In conclusion, autosomal-dominant SCA mutations, particularly SCA6, is not rare in sporadic cerebellar ataxia. The exact reason remains unclear, presumably reflecting higher age at onset and variable penetrance of SCA6.

Notes

Conflicts of Interest

The authors have no financial conflicts of interest.

Figure 1.
Flow chart of patient recruitment. SCA: spinocerebellar ataxia, MSA-C: multiple system atrophy of cerebellar type.
jmd-17011f1.tif
Table 1.
Gene analysis results and clinical-imaging features of spinocerebellar ataxia
Patient Age (years) Sex AAO (years) Disease duration (years) Gene analysis result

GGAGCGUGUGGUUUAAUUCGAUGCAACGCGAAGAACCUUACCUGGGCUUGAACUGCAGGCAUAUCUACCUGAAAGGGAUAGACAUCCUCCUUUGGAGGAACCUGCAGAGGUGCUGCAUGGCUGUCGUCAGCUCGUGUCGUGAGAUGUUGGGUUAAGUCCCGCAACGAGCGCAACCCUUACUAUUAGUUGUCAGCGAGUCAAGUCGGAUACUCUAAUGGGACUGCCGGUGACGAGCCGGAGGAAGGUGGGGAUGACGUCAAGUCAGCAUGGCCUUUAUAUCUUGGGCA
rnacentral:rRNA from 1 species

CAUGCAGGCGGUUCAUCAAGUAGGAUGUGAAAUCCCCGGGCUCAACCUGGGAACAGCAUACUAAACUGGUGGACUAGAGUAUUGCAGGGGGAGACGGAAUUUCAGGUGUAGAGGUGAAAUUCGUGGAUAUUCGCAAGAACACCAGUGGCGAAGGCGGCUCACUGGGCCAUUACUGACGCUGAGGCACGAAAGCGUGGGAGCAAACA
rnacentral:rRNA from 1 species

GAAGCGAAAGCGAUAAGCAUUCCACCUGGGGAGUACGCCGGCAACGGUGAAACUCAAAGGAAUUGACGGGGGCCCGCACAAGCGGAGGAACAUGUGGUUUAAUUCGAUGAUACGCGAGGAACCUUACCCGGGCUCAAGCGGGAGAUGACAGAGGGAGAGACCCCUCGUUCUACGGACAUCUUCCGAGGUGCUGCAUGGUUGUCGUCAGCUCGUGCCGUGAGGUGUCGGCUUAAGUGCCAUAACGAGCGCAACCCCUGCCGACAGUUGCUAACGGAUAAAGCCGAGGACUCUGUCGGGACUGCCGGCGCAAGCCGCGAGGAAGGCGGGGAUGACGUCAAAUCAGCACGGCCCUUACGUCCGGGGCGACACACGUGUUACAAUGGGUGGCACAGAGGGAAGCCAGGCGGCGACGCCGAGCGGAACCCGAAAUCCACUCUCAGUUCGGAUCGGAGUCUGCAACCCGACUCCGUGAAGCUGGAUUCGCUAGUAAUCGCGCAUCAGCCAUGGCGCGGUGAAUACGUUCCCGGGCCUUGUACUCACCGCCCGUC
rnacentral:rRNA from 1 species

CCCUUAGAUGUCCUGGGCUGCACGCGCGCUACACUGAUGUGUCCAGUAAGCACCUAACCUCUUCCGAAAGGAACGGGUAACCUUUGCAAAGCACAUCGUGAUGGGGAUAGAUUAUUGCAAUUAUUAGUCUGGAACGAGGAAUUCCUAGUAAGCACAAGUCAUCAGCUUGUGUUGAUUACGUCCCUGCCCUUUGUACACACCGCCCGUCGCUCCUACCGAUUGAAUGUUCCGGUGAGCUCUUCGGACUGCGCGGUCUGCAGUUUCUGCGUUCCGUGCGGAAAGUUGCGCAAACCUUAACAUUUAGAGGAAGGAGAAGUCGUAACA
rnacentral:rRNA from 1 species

Inheritance Neurological examination
Neuroimaging
No. of repeat Cbll ataxia AbNL EOM EPS Pyramidal sign Neuropathy Personality change Cognitive decline Epilepsy Myoclonus Postural hypotension Others Cerebellar atrophy PA Others
S1 39 M 8 31 ND Sporadic + - - - - - - - - - - + - -
S2 55 M 45 10 ND Sporadic + - - - - - - - - - - + - -
S3 59 M 53 6 ND Sporadic + - - - - - - - - - - + - -
S4 63 F 62 1 ND Sporadic + - - - - - - - - - - + - -
S5 66 M 62 4 ND Sporadic + - - - - - - - - - - + - -
S6 66 M 48 18 ND Sporadic + - - - - - - - - - - + - -
S7 68 F 63 5 ND Sporadic + - - - - - - - - - - + - -
S8 69 F 64 5 ND Sporadic + - - - - - - - - - - + - -
S9 75 M 52 23 ND Sporadic + - - - - - - - - - - + - -
S10 75 M 62 13 ND Sporadic + - - - - - - - - - - + - -
S11 76 F 74 2 ND Sporadic + - - - - - - - - - - + - -
S12 80 F 79 1 ND Sporadic + - - - - - - - - - - + - -
S13 65 M 10 55 SCA1 NA Sporadic + - - + - - - - - - - + + -